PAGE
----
According to Pinau Merlin, these quail produce just one brood per year, but pairs that did not breed successfully in spring will try again given generous summer rains. Early in the season, quail forage on succulent vegetation. In fact females require the vitamin A found in leafy greens for development of her reproductive organs. In years of drought, when the desert floor lies barren, she’ll be physically unable to breed. Nature’s birth control ensures that baby quail have a fighting chance of survival. After the salads of spring have withered with heat, quail parents teach their young to find grains, seeds, mesquite beans and the fruits of cacti. Summer also brings plenty of insects, particularly ants and beetles that the quail peck and devour.
Females generally lay 10-12 eggs, so my observation of two families with just one chick illustrates the challenges facing youngsters. Quail nest on the ground and coyotes, round tail ground squirrels, Gila monsters, kingsnakes and gopher snakes find the eggs delectable. The precocial babies run after their parents within minutes of hatching, but that is often not enough. Quail babies need heat, temperatures above 90 degrees, and water, but not too much of either. They also rely on the safety offered by the covey. A baby quail alone is extremely vulnerable to predation.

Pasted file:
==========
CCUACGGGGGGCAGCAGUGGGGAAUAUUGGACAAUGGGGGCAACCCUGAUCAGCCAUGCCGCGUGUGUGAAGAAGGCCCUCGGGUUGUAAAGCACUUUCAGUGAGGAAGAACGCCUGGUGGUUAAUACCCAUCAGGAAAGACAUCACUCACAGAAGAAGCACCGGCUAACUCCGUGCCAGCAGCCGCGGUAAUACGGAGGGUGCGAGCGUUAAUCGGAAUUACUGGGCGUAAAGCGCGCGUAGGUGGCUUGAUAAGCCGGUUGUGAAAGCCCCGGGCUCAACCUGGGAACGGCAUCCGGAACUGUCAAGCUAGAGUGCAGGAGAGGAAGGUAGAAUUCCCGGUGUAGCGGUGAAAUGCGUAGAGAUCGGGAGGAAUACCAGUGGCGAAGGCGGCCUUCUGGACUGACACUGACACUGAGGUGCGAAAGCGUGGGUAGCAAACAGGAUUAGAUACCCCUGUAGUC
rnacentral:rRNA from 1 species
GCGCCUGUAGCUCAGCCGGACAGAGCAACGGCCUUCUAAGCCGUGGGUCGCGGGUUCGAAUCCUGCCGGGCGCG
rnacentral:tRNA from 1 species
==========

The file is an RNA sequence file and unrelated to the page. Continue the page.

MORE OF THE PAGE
Given all that, quail seem plentiful here in the suburbs that edge the desert preserves. Keep your eyes open, perhaps you will see some of the rare late-summer cutest of chicks. If not, there is a great YouTube of quail chicks.